In spite of the Bush Administrations attempts to keep up the appearance that the Iraqi Government welcomes the continued presence of US troops indefinitely, members of the Iraqi Parliament have made numerous attempts to assert the independence of Iraq.
Never has this been more obvious than in recent months where Iraqi leaders have made both public and written statements opposing the continued US presence in their country.
Iraqi’s themselves have long been opposed the presence of US troops, largely because they are seen as a destabilizing factor. According to a recent BBC/ABC poll, 69% of Iraqis believe that the security situation in Baghdad will improve or at least stay the same with the withdraw of US troops.
After the discovery of a secret plan to continue the US military presence in Iraq indefinitely, numerous Iraqi lawmakers have attempted with little success to make their wishes known to American lawmakers and the American public. Although the majority of corporate media sources refuse to give voice to the Iraqi’s themselves, the information can be found through alternative sources. For example, “On Tuesday, Democracy Now! spoke to visiting Iraqi lawmakers…in New York. Iraqi parliament member Khalaf Al-Ulayyan criticized the US proposals” stating,
“I believe the parliament will not ratify the treaty in its current form, because it harms Iraqi sovereignty. Based on the details that have been leaked to the media, it seems that the deal will make Iraq not just an occupied country but an actual part of the US.”
And, in a recent letter to the American Congress and Senate, Iraqi lawmakers pointed out that any deal signed solely by the Executive branch, would be both “unconstitutional and illegal” under the current rulings and laws of the Iraqi Republic. According to the Iraqi Constitution Article 61 Section Four, the Iraqi government’s legislative power retains exclusive rights to ratify international treaties and agreements.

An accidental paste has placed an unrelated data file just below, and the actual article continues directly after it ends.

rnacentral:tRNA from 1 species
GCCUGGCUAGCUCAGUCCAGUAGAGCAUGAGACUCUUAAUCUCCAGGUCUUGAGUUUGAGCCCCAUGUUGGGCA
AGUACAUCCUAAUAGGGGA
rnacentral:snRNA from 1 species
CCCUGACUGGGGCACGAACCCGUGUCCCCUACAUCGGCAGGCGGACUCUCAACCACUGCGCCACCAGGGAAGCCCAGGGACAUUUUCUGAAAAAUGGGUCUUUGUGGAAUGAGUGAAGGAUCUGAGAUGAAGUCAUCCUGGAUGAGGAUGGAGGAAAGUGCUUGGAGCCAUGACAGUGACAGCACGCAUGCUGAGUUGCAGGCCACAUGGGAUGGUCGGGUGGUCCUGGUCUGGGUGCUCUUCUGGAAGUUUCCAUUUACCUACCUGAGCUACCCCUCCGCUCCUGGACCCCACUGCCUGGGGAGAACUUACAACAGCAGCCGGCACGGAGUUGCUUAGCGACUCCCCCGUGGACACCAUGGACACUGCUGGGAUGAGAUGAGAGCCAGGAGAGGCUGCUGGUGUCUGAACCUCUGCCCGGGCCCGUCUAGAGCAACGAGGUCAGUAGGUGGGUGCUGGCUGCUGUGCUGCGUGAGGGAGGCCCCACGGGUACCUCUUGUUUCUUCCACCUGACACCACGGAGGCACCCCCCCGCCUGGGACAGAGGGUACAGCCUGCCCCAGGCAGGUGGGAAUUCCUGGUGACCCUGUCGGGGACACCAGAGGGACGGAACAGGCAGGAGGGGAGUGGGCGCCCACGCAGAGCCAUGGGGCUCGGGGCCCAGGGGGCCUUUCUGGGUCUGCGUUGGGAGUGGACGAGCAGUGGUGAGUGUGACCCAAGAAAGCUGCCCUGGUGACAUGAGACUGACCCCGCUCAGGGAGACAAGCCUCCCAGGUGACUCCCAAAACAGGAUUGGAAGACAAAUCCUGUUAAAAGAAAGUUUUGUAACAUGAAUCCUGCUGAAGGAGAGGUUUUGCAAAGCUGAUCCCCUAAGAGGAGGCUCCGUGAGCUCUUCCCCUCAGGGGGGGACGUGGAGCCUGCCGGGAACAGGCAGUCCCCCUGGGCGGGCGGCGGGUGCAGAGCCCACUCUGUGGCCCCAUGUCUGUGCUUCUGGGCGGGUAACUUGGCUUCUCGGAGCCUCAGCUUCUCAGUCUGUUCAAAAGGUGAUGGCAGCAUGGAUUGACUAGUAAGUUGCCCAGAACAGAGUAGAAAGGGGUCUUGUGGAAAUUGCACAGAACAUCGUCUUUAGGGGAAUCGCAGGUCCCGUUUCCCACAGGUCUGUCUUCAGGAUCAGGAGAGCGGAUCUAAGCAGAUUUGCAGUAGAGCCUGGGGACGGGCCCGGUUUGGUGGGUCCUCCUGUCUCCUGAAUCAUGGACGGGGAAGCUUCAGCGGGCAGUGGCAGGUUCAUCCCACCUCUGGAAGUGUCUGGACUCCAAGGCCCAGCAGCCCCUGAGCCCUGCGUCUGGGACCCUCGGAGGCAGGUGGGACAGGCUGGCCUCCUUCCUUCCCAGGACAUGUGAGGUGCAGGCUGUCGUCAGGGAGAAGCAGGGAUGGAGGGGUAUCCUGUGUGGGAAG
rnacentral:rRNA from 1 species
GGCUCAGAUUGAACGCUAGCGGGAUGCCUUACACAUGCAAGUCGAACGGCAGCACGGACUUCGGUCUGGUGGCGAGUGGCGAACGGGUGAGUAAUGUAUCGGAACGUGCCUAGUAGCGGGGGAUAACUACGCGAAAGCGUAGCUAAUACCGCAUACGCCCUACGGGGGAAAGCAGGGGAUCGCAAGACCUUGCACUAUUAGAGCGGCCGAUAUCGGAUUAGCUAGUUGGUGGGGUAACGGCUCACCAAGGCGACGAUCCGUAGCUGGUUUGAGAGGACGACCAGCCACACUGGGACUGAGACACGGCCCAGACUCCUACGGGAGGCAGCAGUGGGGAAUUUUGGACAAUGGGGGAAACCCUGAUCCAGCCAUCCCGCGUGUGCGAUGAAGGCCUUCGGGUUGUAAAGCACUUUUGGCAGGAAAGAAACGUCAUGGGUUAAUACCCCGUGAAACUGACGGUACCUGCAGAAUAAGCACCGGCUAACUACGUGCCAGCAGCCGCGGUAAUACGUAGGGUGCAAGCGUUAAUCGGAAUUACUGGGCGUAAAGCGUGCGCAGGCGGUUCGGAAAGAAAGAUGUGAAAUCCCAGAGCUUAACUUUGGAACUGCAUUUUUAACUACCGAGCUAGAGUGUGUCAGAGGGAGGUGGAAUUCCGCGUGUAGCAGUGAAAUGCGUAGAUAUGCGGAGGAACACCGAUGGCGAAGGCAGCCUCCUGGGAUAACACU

Representing the majority of the two-hundred and seventy five members of the Iraqi Parliament, the letter goes on to state,
Likewise, we wish to inform you that the majority of Iraqi representatives strongly reject any military-security, economic, commercial, agricultural, investment, or political agreement with the United States that is not linked to clear mechanism that obligate the occupying military forces to fully withdraw from Iraq, in accordance with a declared timetable and with leaving behind any military bases, soldiers or hired fighters.
The Iraqi Council of Representatives is looking to ratify agreements that end every form of American intervention in Iraq’s internal affairs and restore Iraq’s independence and sovereignty over its land.
According to The Independent, in response to the resistance met by Iraqi lawmakers, United States negotiators “are using the existence of $20bn in outstanding court judgments against Iraq in the US, to pressure their Iraqi counterparts into accepting the terms of the military deal…The US is holding hostage some $50bn (£25bn) of Iraq’s money in the Federal Reserve Bank of New York…” These funds continue to grow as the price of oil climbs, furthering the pressure on Iraqi Lawmakers to accept the deal. This hold on these funds also inhibits the ability of Iraq’s rebuilding efforts as these funds, which under the UN mandate, are specifically for the reconstruction of Iraq including “the wheat purchase program, the currency exchange program, the electricity and oil infrastructure programs, equipment for Iraqis security forces, and for Iraqi civil service salaries and ministry budget operations.”
As Americans continue to debate the continued military presence in Iraq, what seems to elude them is the absolute hypocrisy of claims made by the Bush Administration both in regards to Iraq’s sovereignty and “The War on Terror.” in which he claims, “The rise of a free and self-governing Iraq will deny terrorists a base of operation, discredit their narrow ideology, and give momentum to reformers across the region. This will be a decisive blow to terrorism at the heart of its power, and a victory for the security of America and the civilized world.” Considering that Bush’s solution to terrorism is the establishment of a “free and self-governing Iraq” one would think this issue would be moot. Iraqi leaders and the Iraqi people have shown with little doubt they wish us to leave.
It leaves one to wonder, when will we listen?